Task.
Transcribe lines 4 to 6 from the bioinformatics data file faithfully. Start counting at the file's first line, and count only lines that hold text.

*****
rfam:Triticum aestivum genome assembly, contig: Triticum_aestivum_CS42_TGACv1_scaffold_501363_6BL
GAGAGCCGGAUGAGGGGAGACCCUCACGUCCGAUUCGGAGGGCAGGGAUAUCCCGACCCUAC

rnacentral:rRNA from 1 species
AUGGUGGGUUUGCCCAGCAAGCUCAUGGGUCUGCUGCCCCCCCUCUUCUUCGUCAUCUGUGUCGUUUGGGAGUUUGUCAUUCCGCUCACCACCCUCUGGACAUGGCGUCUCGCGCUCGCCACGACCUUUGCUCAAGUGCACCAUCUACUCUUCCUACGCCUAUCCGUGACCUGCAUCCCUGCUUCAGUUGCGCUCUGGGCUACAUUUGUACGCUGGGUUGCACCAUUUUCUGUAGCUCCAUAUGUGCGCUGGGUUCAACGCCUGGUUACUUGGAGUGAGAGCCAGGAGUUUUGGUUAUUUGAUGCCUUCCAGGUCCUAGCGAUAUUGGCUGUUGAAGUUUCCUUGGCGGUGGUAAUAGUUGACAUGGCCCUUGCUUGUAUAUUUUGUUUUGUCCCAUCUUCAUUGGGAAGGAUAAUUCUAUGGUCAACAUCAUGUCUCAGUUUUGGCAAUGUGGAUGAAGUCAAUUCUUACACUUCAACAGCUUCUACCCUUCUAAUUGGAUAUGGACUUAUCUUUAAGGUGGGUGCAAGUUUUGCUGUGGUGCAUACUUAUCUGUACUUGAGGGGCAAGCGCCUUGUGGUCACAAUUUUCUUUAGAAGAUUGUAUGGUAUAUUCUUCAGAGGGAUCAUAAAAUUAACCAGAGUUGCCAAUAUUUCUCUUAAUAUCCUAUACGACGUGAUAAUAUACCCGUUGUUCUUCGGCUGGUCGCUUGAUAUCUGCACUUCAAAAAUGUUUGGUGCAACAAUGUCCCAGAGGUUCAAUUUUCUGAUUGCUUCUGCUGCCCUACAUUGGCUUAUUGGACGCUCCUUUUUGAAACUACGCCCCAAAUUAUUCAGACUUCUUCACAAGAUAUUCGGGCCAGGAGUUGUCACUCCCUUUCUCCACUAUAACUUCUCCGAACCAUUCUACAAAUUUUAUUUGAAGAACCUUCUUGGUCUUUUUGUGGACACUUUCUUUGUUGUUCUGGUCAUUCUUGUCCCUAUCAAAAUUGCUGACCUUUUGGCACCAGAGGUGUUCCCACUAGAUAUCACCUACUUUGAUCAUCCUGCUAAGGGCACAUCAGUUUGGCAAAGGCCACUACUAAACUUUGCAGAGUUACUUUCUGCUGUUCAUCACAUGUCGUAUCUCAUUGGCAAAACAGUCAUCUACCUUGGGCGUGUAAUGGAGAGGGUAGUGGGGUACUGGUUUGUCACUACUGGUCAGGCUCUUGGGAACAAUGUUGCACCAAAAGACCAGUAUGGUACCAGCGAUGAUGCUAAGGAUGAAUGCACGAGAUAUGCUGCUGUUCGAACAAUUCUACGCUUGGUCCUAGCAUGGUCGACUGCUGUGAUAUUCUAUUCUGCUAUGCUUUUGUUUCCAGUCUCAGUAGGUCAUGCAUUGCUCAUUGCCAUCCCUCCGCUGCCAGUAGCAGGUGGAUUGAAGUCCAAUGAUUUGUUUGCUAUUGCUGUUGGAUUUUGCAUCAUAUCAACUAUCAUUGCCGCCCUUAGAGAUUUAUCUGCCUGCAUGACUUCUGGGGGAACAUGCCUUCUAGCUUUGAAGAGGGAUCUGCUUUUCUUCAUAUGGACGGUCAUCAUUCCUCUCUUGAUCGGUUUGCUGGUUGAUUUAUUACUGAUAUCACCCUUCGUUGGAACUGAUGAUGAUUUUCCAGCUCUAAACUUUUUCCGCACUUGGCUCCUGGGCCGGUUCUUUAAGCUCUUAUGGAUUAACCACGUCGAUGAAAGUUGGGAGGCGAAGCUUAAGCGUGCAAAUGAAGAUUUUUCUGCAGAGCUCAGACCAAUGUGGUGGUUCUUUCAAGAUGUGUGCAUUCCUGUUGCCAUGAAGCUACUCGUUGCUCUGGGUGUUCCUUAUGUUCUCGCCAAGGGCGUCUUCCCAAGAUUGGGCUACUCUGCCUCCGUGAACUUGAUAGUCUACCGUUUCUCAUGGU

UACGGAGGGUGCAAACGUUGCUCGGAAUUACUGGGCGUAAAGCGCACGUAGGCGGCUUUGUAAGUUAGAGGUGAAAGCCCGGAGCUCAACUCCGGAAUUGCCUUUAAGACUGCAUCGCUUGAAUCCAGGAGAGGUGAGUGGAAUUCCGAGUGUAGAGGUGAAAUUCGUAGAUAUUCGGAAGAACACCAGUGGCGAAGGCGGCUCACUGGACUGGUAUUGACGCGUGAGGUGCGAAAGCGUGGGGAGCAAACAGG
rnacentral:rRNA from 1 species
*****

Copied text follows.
AUGGUGGGUUUGCCCAGCAAGCUCAUGGGUCUGCUGCCCCCCCUCUUCUUCGUCAUCUGUGUCGUUUGGGAGUUUGUCAUUCCGCUCACCACCCUCUGGACAUGGCGUCUCGCGCUCGCCACGACCUUUGCUCAAGUGCACCAUCUACUCUUCCUACGCCUAUCCGUGACCUGCAUCCCUGCUUCAGUUGCGCUCUGGGCUACAUUUGUACGCUGGGUUGCACCAUUUUCUGUAGCUCCAUAUGUGCGCUGGGUUCAACGCCUGGUUACUUGGAGUGAGAGCCAGGAGUUUUGGUUAUUUGAUGCCUUCCAGGUCCUAGCGAUAUUGGCUGUUGAAGUUUCCUUGGCGGUGGUAAUAGUUGACAUGGCCCUUGCUUGUAUAUUUUGUUUUGUCCCAUCUUCAUUGGGAAGGAUAAUUCUAUGGUCAACAUCAUGUCUCAGUUUUGGCAAUGUGGAUGAAGUCAAUUCUUACACUUCAACAGCUUCUACCCUUCUAAUUGGAUAUGGACUUAUCUUUAAGGUGGGUGCAAGUUUUGCUGUGGUGCAUACUUAUCUGUACUUGAGGGGCAAGCGCCUUGUGGUCACAAUUUUCUUUAGAAGAUUGUAUGGUAUAUUCUUCAGAGGGAUCAUAAAAUUAACCAGAGUUGCCAAUAUUUCUCUUAAUAUCCUAUACGACGUGAUAAUAUACCCGUUGUUCUUCGGCUGGUCGCUUGAUAUCUGCACUUCAAAAAUGUUUGGUGCAACAAUGUCCCAGAGGUUCAAUUUUCUGAUUGCUUCUGCUGCCCUACAUUGGCUUAUUGGACGCUCCUUUUUGAAACUACGCCCCAAAUUAUUCAGACUUCUUCACAAGAUAUUCGGGCCAGGAGUUGUCACUCCCUUUCUCCACUAUAACUUCUCCGAACCAUUCUACAAAUUUUAUUUGAAGAACCUUCUUGGUCUUUUUGUGGACACUUUCUUUGUUGUUCUGGUCAUUCUUGUCCCUAUCAAAAUUGCUGACCUUUUGGCACCAGAGGUGUUCCCACUAGAUAUCACCUACUUUGAUCAUCCUGCUAAGGGCACAUCAGUUUGGCAAAGGCCACUACUAAACUUUGCAGAGUUACUUUCUGCUGUUCAUCACAUGUCGUAUCUCAUUGGCAAAACAGUCAUCUACCUUGGGCGUGUAAUGGAGAGGGUAGUGGGGUACUGGUUUGUCACUACUGGUCAGGCUCUUGGGAACAAUGUUGCACCAAAAGACCAGUAUGGUACCAGCGAUGAUGCUAAGGAUGAAUGCACGAGAUAUGCUGCUGUUCGAACAAUUCUACGCUUGGUCCUAGCAUGGUCGACUGCUGUGAUAUUCUAUUCUGCUAUGCUUUUGUUUCCAGUCUCAGUAGGUCAUGCAUUGCUCAUUGCCAUCCCUCCGCUGCCAGUAGCAGGUGGAUUGAAGUCCAAUGAUUUGUUUGCUAUUGCUGUUGGAUUUUGCAUCAUAUCAACUAUCAUUGCCGCCCUUAGAGAUUUAUCUGCCUGCAUGACUUCUGGGGGAACAUGCCUUCUAGCUUUGAAGAGGGAUCUGCUUUUCUUCAUAUGGACGGUCAUCAUUCCUCUCUUGAUCGGUUUGCUGGUUGAUUUAUUACUGAUAUCACCCUUCGUUGGAACUGAUGAUGAUUUUCCAGCUCUAAACUUUUUCCGCACUUGGCUCCUGGGCCGGUUCUUUAAGCUCUUAUGGAUUAACCACGUCGAUGAAAGUUGGGAGGCGAAGCUUAAGCGUGCAAAUGAAGAUUUUUCUGCAGAGCUCAGACCAAUGUGGUGGUUCUUUCAAGAUGUGUGCAUUCCUGUUGCCAUGAAGCUACUCGUUGCUCUGGGUGUUCCUUAUGUUCUCGCCAAGGGCGUCUUCCCAAGAUUGGGCUACUCUGCCUCCGUGAACUUGAUAGUCUACCGUUUCUCAUGGU

UACGGAGGGUGCAAACGUUGCUCGGAAUUACUGGGCGUAAAGCGCACGUAGGCGGCUUUGUAAGUUAGAGGUGAAAGCCCGGAGCUCAACUCCGGAAUUGCCUUUAAGACUGCAUCGCUUGAAUCCAGGAGAGGUGAGUGGAAUUCCGAGUGUAGAGGUGAAAUUCGUAGAUAUUCGGAAGAACACCAGUGGCGAAGGCGGCUCACUGGACUGGUAUUGACGCGUGAGGUGCGAAAGCGUGGGGAGCAAACAGG
rnacentral:rRNA from 1 species